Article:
From the Editor
The Times is dead. Long live The Times
So the decision has been made: the last edition of The Times as a print publication will appear on December 15. We will return as a digital-only edition at the end of January.
For the many readers, particularly older readers, who have written to us beseeching us to reconsider, all I can say as the editor of The Times is that I'm sorry.
I'm not going write an essay about the changing economics of the news industry, except to say that it's a cold-bastard fact that the business has changed and The Times in print is one of the casualties. Also that it turns out that it's not a great business model to produce and hand-deliver a newspaper to subscribers mostly for free for 10 years. Who would have thought?
But while you, our dear readers, mourn our passing, let me tell you that the pain is real in our newsroom too.
As editor, let me share a little of what it means to produce a paper every day.
It's like being a parent to a young child. It demands all your attention and love. It keeps you awake at night. It has you tearing out your hair. You fight for it. You cry over it. You obsess over it, brushing its hair neatly and tying its shoelaces.
Then it's out in the world and you are so proud. And then you do it all over again, pretty much every single day.
Your The Times is great because of all who sail in her, if you'll forgive my mangling of metaphors. The team of journalists and editors responsible for her are about the best any editor could hope to work with. You are lucky readers to have had these people serve you.
Most of them will continue to do so in Times Select, our new digital edition, which will be a different product from the website www.timeslive.co.za. Times Select will be a self-contained daily digital edition to which we will try to transfer the magic of the print The Times. We are hoping to include the crosswords in this edition, and all our columnists will continue writing for us.
I know there are some things that digital cannot reproduce from the print experience. A reader, Jean Simpkins, wrote to tell us that she had taught Milly, her beagle, to retrieve the paper from the driveway each morning. "How do you teach a dog new tricks? When I told her of a possible digital-only version she just frowned," wrote Jean.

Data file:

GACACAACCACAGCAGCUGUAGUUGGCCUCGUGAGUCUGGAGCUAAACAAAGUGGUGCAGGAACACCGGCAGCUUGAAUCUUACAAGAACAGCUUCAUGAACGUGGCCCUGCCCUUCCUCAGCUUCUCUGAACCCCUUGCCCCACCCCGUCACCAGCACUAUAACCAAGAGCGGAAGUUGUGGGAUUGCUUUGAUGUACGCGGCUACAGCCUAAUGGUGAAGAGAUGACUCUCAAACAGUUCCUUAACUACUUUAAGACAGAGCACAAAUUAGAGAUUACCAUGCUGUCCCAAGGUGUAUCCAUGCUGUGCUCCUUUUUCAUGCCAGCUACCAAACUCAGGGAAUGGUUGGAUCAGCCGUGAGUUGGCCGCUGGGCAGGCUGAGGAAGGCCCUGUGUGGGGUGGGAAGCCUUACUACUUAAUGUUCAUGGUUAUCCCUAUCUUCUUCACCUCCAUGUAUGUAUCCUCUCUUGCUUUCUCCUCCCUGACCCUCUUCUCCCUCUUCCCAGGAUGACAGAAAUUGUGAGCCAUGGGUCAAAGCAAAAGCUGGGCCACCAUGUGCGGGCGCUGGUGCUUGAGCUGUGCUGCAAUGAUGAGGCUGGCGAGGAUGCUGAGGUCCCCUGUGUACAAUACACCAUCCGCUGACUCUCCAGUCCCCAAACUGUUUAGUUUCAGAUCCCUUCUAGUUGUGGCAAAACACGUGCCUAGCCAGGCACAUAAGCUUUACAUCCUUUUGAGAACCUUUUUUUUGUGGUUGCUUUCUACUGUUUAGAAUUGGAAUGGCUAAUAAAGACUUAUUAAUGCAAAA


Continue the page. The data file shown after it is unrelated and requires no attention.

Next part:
I'm sorry Milly and Jean, but that thump in the driveway each morning will be no more. But there's a silver lining too. Times Select will never not be delivered, land on the garage roof, nor end up in the fish pond.
Wayne Simpkins wrote to say he had a "real problem imagining me and my computer on the loo each morning". I agree, Wayne. That's what phones are for! And Times Select will be on them too.
No, it's true that there are many things associated with print that a digital edition cannot replace.
A turn to digital does not mean that what has made The Times special will be lost. There is nothing in the digital platform which defaults journalism to something second-rate. That's simply an editorial choice. We choose not to produce rubbish whether it's in print, in digital, or inscribed on the head of a pin.
So give us a chance in our new digital home. You stuck with us the last 10 years in print and I'd like to believe we never let you down. We don't intend to disappoint you in the future either.
The spunkiness, cheekiness and fun that represents The Times now will live on, I promise you. Please come along for the ride.
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